"I’ve reached a point where I’m not clear about anything anymore in regards to what they’ve told me about my case," Marlowe said at a press conference Tuesday announcing the lawsuit. "I have learned that this is an issue that is going on across the city, across the Bay Area, across the state of California, across the country, to the number upwards of 400,000 untested rape kits, ignored rape kits."
The San Francisco Police Department says it has already addressed the issue. The department identified 753 unprocessed rape kits collected between 2003 and 2013 and announced all had been cleared by late 2014. Under fire for failing to test older untested kits, police say they found an additional 473 kits and submitted them for analysis in September.
But Marlowe says she has documentation from a police captain that the department had "several thousand" untested kits, and the 1,226 total that were submitted for processing doesn't appear to clear that backlog.
"The reality in San Francisco has been that rape kits have gone untested by the thousands," said Marlowe's attorney, Irwin Zalkin. "San Francisco Police Department decided they’re going to test some of the untested rape kits. Not all, some. To this day, Heather doesn’t know if her rape kit has ever been tested. They have promised her repeatedly that it has or it will be. She has asked for proof, it hasn’t been delivered."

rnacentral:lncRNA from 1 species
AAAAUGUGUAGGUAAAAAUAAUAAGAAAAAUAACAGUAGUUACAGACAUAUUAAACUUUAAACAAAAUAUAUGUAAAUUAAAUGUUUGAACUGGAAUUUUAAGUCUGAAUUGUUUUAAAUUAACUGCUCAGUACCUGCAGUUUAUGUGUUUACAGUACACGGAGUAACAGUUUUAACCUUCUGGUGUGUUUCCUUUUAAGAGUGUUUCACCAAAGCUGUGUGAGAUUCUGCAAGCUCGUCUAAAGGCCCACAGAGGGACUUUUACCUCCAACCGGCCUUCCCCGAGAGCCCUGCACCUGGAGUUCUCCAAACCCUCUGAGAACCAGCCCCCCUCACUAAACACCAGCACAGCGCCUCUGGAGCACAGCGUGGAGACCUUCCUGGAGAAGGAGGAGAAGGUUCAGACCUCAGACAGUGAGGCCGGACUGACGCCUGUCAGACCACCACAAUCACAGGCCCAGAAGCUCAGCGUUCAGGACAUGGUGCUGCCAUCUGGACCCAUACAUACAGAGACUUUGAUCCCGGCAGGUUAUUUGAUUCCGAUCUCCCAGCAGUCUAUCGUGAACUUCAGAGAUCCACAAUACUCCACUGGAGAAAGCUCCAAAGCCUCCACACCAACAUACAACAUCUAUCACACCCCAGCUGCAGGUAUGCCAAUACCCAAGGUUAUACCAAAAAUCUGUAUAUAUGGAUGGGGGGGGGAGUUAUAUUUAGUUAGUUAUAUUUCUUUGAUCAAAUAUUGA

Zalkin said he'll ask the court for an independent audit of the Police Department's rape kit backlog.
As she fought for DNA testing, Marlowe says she also pursued other investigatory leads with SFPD Officer Joe Cordes, who is also named in the lawsuit.
Marlowe's complaint alleges Cordes met Marlowe at a house she identified as the possible scene of her rape about a week after the alleged assault.
"They knocked on the door and a man answered," the complaint says. "Cordes demanded that Marlowe enter the home while Cordes distracted the owner to see if Marlowe could identify the home as the scene of her rape."
And a few days later, "Cordes instructed Marlowe to make contact with the suspect and flirt with him in order to elicit a confession that suspect had indeed raped Marlowe," the lawsuit alleges, adding that Cordes also told Marlowe to "set up a date" with the suspect to prove she could identify him in a crowd.
Richard Barton, a retired district attorney's investigator and police officer specializing in sexual assault investigations, said in an interview that it's not unheard of for an officer to ask a rape victim to make a "pretext call."
"A pretext call is where a victim or a witness, somebody will contact the suspect over the telephone with the idea of either getting an apology or getting facts," Barton said. "Every victim is different, and it’s not criticism of the victim if he or she doesn’t want to do a pretext call because they can be very traumatic."
Marlowe said that if she didn't take on the investigation herself, SFPD officers implied that her case would be abandoned.
"They basically said that unless you move this forward yourself, we won't be investigating any further," she said.
The Police Department did not respond to repeated inquiries for an up-to-date account of any rape kit backlog.